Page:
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PICList Thread
'40mhz clock for PIC18FXX2...'
2003\04\30@172403 by Ted Larson

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I just got my hands on an PIC18F252 to fiddle around with, and I want to
clock it at 40mhz.  On the PIC16's I am used to just throwing a 20mhz
ceramic resonator w/caps on there, and being done with it....1
component...nice and simple.  I couldn't find a 40mhz resonator to make this
as simple an operation.

So, what do most people do for a 40mhz, reliable, simple clock for these?

The data sheet seems to suggest using a HS/PLL circuit to 4xstep-up a 10mhz
crystal.  This seems like overkill, and alot of additional
circuitry...although would be nice without lots of EMI to mess things up.  I
have a couple of 20mhz crystals laying around I could double....but, keeping
it simpler is sounding good to me.  I really don't need the whole selectable
clocking feature that using the PLL really buys.

I am still quite the PIC newbie....so any suggestions would be greatly
appreciated.

Thanks,

- Ted

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2003\04\30@173245 by D. Jay Newman

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> have a couple of 20mhz crystals laying around I could double....but, keeping
> it simpler is sounding good to me.  I really don't need the whole selectable
> clocking feature that using the PLL really buys.

Well, you could run it at 20MHz, or you could use the built-in PLL, like
I've always done. To use a crystal all you need are a couple of small
capacitors. I agree that a resonator is easier, and if you have some, use
them.

I've generally used a 10 MHz resonator with the built-in 4xPLL for 40 MHz.

Good luck!
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2003\04\30@174116 by Ted Larson

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Thanks for the quick reply.  I am thinking that is what I am going to
do...it is certainly the simplest method. Just plug it in, and enable the
PLL I just didn't have a 10mhz resonator in my parts box.

Thanks for the advice!

- Ted


{Original Message removed}

2003\04\30@182412 by Dave Dilatush

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Ted Larson wrote...

>So, what do most people do for a 40mhz, reliable, simple clock for these?

Use a 10 MHz resonator and the HS/PLL clock option on the PIC.

>The data sheet seems to suggest using a HS/PLL circuit to 4xstep-up a 10mhz
>crystal.  This seems like overkill, and alot of additional
>circuitry...although would be nice without lots of EMI to mess things up.  I
>have a couple of 20mhz crystals laying around I could double....but, keeping
>it simpler is sounding good to me.  I really don't need the whole selectable
>clocking feature that using the PLL really buys.

What could be simpler?  There's no "whole selectable clocking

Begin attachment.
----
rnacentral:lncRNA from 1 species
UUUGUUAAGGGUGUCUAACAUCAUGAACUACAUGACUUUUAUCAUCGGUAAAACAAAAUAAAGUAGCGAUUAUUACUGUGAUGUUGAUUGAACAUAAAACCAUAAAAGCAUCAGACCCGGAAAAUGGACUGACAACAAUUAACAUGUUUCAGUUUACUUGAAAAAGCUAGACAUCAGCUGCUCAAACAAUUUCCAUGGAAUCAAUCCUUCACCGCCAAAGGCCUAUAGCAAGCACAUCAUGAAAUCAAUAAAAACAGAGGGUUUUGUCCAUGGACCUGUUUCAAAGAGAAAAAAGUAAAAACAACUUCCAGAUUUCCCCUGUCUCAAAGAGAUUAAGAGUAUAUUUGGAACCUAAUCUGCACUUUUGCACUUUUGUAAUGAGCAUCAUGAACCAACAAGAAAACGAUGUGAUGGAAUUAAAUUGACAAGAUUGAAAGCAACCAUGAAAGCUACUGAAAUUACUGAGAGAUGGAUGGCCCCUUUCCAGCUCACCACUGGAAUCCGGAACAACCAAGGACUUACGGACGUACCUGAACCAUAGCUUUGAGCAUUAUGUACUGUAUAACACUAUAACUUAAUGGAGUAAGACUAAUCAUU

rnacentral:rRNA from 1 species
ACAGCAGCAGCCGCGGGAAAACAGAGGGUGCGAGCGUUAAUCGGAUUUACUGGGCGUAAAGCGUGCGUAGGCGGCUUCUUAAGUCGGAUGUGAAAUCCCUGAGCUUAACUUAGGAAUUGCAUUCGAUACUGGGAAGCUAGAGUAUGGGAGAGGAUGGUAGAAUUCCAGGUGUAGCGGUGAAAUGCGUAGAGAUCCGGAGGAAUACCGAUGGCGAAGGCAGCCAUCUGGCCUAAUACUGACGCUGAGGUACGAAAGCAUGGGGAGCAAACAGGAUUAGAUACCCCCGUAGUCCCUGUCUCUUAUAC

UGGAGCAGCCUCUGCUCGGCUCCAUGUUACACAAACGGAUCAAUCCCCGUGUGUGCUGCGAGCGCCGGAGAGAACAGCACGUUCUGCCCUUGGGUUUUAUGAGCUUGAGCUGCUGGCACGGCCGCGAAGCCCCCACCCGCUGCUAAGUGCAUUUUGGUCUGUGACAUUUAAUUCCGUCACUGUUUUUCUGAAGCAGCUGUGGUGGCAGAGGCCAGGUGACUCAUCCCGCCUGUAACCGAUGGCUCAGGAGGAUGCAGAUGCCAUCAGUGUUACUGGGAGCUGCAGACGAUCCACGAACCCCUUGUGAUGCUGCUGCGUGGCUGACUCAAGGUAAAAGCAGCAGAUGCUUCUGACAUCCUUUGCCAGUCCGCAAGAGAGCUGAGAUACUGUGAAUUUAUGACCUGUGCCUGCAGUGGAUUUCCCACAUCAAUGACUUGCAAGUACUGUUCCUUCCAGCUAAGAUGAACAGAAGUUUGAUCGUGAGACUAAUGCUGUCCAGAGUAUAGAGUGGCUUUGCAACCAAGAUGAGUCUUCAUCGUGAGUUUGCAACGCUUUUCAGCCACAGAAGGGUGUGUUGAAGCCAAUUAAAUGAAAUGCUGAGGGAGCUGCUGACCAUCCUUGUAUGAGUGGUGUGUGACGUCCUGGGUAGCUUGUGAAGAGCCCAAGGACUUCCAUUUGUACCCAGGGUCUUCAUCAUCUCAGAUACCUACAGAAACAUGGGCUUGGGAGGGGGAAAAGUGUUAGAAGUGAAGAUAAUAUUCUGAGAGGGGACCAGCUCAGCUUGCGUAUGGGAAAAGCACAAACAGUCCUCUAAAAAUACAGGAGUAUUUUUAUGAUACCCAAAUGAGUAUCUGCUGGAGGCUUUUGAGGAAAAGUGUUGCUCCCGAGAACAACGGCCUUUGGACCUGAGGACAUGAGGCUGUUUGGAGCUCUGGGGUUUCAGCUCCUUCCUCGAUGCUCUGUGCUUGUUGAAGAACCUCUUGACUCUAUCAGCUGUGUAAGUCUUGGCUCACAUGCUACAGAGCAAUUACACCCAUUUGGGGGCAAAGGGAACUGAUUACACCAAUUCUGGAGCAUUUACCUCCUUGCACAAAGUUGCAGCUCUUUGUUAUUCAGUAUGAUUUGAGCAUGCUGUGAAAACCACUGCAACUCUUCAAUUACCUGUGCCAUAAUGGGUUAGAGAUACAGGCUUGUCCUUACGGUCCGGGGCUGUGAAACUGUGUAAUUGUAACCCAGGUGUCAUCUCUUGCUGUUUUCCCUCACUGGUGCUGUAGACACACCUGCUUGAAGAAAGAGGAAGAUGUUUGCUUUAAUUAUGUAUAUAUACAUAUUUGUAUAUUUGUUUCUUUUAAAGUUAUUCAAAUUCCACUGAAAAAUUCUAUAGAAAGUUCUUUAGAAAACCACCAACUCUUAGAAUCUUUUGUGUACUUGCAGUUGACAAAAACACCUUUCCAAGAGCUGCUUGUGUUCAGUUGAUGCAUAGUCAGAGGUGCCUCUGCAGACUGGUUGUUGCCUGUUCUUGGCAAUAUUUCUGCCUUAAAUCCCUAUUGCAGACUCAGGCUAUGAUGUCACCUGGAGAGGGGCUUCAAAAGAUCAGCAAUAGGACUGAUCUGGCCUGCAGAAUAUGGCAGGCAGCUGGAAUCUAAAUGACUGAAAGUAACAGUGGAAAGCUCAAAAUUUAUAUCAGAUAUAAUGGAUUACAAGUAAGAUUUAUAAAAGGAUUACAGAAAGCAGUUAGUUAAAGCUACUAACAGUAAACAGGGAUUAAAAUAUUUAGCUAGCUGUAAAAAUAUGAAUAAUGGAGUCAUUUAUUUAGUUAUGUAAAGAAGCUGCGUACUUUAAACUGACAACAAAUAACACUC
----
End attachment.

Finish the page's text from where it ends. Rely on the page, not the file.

feature" involved here- it's a fixed, 4X frequency
multiplication, and it's no harder to use than any of the other
clock modes.  Works great.

Dave D.

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2003\04\30@185837 by Brandon Tarr

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Try these Digi-Key p/n's:

Surface mount 40MHz resonators
PX400CTR-ND
PX400JCT-ND
PX400JTR-ND
PX400CCT-ND

Or, if you don't like surface mount and don't mind spending a little extra,
do what I do and get yourself a 40MHz crystal oscillator.  They are 1 part,
3 connections, can be a clock source for multiple chips (especially when you
include a buffer) and provide a very robust temperature stable clock signal.



{Original Message removed}

2003\04\30@205759 by Dave Dilatush

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Brandon Tarr wrote...

>Try these Digi-Key p/n's:
>
>Surface mount 40MHz resonators
>PX400CTR-ND
>PX400JCT-ND
>PX400JTR-ND
>PX400CCT-ND
>
>Or, if you don't like surface mount and don't mind spending a little extra,
>do what I do and get yourself a 40MHz crystal oscillator.  They are 1 part,
>3 connections, can be a clock source for multiple chips (especially when you
>include a buffer) and provide a very robust temperature stable clock signal.

Note that while the data sheet lists the maximum input clock
frequency from an external oscillator in the EC and ECIO modes as
40 MHz, the maximum frequency for a crystal or resonator in the
HS mode is only 25 MHz.  The PIC's on-chip oscillator may work at
frequencies higher than that, it isn't guaranteed to.

For a hobby project, using a 40 MHz resonator might work; but if
you're trying to make a manufacturable product, it's not a good
idea.

Dave D.

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2003\04\30@222115 by Bob Ammerman

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The PLL is built into the chip, so all you need is a 10MHz XTAL and 2 small
caps.

Bob Ammerman
RAm Systems


{Original Message removed}

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